Healthy soil is at the heart of agriculture and in maintaining quality food production. Soil is also the largest carbon store on earth, helping to mitigate the effects of climate change and preserve biodiversity.
Yet industry is paying over to €3.5b per annum to dispose of waste soil from building sites across the UK and France, while food security and agricultural sustainability remain two of the great global challenges of the 21st century.
The construction industry wants to find new ways to reuse waste soils safely, especially where it contributes to reduced carbon emissions and acts as a low carbon technology.
By combining industrial expertise with research, Reconstructed Soils from Waste (ReCon Soil) will develop and roll out three new reconstructed soils (low carbon technologies), made from locally sourced construction waste and agricultural by-products. These will reduce carbon emissions and improve carbon storage through soil improvements.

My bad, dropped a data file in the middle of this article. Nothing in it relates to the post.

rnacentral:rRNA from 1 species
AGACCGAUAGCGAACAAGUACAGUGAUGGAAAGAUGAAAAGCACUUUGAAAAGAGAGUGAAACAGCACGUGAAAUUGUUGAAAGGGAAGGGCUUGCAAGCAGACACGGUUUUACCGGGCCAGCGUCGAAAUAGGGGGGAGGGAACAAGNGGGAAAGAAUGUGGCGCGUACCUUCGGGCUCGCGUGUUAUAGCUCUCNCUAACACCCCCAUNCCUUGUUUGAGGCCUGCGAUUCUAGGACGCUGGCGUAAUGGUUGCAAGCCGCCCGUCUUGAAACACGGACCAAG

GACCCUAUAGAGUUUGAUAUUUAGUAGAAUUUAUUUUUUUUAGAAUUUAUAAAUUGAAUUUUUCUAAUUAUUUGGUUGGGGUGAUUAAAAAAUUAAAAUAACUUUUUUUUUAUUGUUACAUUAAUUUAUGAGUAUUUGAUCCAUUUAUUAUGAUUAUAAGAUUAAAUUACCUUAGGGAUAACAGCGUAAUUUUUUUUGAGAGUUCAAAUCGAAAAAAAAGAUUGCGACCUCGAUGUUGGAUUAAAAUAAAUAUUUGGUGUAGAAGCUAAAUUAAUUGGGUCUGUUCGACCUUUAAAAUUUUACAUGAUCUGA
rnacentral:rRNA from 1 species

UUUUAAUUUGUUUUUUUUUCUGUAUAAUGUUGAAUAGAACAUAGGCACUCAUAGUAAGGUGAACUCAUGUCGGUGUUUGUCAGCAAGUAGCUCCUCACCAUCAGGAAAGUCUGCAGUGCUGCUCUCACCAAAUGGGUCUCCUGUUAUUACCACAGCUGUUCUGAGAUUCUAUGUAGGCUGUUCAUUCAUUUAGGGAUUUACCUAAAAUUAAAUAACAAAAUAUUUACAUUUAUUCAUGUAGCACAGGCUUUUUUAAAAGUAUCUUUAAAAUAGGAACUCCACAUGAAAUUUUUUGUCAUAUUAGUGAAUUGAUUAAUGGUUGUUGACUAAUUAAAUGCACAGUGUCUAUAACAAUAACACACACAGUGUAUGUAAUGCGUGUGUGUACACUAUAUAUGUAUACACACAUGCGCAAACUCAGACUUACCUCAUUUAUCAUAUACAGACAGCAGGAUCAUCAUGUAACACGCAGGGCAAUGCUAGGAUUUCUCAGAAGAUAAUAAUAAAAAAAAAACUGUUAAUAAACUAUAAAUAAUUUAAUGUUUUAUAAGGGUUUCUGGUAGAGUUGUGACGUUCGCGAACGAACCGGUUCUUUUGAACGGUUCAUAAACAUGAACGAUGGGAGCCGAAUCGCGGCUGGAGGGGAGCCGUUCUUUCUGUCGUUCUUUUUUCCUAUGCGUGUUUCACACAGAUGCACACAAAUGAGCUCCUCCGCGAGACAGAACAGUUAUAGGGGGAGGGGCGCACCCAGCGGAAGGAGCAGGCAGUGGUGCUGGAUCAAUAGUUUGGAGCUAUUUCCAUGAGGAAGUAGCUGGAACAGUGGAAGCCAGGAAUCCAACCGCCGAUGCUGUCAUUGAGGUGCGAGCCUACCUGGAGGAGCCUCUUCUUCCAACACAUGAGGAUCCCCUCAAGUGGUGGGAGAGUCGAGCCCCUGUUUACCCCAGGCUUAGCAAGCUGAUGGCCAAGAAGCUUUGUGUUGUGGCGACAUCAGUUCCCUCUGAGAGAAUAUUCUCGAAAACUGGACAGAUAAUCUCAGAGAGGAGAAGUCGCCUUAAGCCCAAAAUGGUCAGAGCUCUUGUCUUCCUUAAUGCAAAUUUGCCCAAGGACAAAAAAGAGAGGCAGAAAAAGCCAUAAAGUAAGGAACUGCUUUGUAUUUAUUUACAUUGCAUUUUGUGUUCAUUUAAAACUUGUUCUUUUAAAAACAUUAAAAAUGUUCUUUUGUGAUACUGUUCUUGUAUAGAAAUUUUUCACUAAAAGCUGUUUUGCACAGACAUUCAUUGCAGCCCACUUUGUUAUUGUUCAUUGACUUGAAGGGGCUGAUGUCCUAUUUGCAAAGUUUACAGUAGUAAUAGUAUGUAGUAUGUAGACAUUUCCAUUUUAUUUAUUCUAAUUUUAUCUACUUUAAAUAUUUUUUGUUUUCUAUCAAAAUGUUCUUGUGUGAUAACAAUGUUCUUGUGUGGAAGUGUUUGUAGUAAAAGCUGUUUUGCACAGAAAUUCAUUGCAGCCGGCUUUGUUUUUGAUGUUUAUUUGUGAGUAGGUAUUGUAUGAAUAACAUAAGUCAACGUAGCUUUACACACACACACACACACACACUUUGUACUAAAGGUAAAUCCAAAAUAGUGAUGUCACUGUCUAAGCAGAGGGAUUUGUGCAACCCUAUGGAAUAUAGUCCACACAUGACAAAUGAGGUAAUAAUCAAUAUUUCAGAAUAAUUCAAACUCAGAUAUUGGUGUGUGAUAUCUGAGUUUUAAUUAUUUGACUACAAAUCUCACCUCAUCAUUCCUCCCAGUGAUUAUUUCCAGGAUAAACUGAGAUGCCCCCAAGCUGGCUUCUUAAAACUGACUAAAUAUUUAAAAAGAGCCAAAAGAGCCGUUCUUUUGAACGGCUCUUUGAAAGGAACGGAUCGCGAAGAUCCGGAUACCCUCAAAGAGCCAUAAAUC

The project, led by University of Plymouth, will also develop a blueprint for developing reconstructed soils, five new low carbon technology networks and train 200 workers, helping to take reconstructed soils from research to commercialisation and increase demand, supply and uptake of this low carbon technology.
ReCon Soil will also improve risk prevention and capacity to adapt to and mitigate climate change in the Channel area, by retaining soils in their original habitat, while using reconstructed soils to help minimise further erosion of degraded areas.